Author: Joan Van Loon, Enterprise Business Unit Leader Public, Life Sciences, Telco & Utilities | IBM Belux
About the author: Joan has over 17 years of experience in business management and management consulting, with expertise in diverse areas like business operations and transformations, IT strategy & governance, quality management, knowledge management and people management. He is currently leading the Public Sector in IBM Belux with personal focus on Watson, government innovation and healthcare.
A digital Government
As discussed in the first article of The new relationship Citizen – Government series, everything is digital today. As citizens, people expect the same high level of digitization and engagement from their government, as they receive from the different private services providers.
Being digital means that the government can ensure fast and transparent access to information and that it can engage with its citizens, tailoring the public services based on each individual need. In order to reach the level of relationship previously discussed, the government must have the right technology and then open the data to the public. Making the data open will give people a chance to weigh the various aspects of the government, or of the society, and to choose what kind of public services they need. Open data can even boost economic growth as businesses can use that data make decisions about producing goods or services that are in highest demand.
Modern citizens also expect national, regional or local authorities to respond rapidly to their social needs. Moreover, people expect it to happen in a transparent and responsible manner. In order for the government to have such a rapid answer, it needs to have a good data-management system, especially since enormous amounts of data are frequently unstructured and changing in real-time. Moreover, the open data should be available in a format that allows people to share and combine it with other data in their own applications. This is why transparency is not only about access to data, but also making sure that it has an open and reusable format. And of course, this implies a very good dialogue between the different levels of government (from local to national or even international level).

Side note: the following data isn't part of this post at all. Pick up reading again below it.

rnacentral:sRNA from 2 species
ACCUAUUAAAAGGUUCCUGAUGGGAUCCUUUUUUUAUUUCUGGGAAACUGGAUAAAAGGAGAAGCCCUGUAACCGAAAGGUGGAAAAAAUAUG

A fully transparent and digitized government can help to renew the public’s trust. It is often the case that the public mistrusts the government because frequently they do not have insights into how decisions are being made, or who is responsible for making. In this new age of transparency, accountability and digitization, both the government and the citizens need access to the right information, at the right time to make decisions.
*The new relationship Citizen – Government is full series of 8 articles and studies about how the new era of technology changes is perceived and embraced by the public authorities and which are the new challenges encountered when trying to keep or build a relationship with the modern citizen or when trying to ensure them with security.